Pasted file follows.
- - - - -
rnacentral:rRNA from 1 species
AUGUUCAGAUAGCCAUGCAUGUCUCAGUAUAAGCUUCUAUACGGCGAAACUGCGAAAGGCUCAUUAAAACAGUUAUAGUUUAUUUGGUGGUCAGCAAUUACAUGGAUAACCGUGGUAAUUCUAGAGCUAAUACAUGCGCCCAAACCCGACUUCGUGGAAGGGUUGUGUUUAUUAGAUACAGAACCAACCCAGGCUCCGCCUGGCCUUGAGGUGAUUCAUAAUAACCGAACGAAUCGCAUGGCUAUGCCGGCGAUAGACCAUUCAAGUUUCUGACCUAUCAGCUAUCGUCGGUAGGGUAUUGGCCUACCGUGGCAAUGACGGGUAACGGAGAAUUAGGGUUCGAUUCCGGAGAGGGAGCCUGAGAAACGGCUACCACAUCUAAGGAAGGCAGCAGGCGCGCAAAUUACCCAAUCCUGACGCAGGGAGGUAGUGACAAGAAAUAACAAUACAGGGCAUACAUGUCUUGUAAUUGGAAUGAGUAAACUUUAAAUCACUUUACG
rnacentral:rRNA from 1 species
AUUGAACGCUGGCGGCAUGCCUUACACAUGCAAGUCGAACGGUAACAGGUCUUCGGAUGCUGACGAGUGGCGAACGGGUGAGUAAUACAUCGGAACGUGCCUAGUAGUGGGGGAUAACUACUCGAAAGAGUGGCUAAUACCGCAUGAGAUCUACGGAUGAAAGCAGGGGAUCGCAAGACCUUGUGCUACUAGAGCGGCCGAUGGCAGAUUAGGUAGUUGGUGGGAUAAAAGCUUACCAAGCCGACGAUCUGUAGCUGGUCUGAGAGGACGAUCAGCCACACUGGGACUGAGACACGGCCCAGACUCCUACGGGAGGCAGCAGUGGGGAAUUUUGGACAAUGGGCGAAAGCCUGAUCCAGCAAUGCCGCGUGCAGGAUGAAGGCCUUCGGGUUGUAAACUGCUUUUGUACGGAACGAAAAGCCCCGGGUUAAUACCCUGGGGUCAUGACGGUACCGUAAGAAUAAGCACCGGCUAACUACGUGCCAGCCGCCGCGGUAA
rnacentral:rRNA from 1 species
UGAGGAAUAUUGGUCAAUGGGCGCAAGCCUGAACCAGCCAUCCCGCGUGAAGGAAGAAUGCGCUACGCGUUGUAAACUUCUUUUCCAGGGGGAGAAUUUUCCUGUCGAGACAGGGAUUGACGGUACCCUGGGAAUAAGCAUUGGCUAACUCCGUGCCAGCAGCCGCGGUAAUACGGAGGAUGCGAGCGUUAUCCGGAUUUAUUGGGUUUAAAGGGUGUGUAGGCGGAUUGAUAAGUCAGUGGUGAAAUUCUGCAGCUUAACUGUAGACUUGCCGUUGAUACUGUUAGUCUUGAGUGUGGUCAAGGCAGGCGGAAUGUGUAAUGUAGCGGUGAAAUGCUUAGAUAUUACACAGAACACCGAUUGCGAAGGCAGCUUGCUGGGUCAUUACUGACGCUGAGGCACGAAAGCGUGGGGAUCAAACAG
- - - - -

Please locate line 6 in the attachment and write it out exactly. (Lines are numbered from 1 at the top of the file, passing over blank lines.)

UGAGGAAUAUUGGUCAAUGGGCGCAAGCCUGAACCAGCCAUCCCGCGUGAAGGAAGAAUGCGCUACGCGUUGUAAACUUCUUUUCCAGGGGGAGAAUUUUCCUGUCGAGACAGGGAUUGACGGUACCCUGGGAAUAAGCAUUGGCUAACUCCGUGCCAGCAGCCGCGGUAAUACGGAGGAUGCGAGCGUUAUCCGGAUUUAUUGGGUUUAAAGGGUGUGUAGGCGGAUUGAUAAGUCAGUGGUGAAAUUCUGCAGCUUAACUGUAGACUUGCCGUUGAUACUGUUAGUCUUGAGUGUGGUCAAGGCAGGCGGAAUGUGUAAUGUAGCGGUGAAAUGCUUAGAUAUUACACAGAACACCGAUUGCGAAGGCAGCUUGCUGGGUCAUUACUGACGCUGAGGCACGAAAGCGUGGGGAUCAAACAG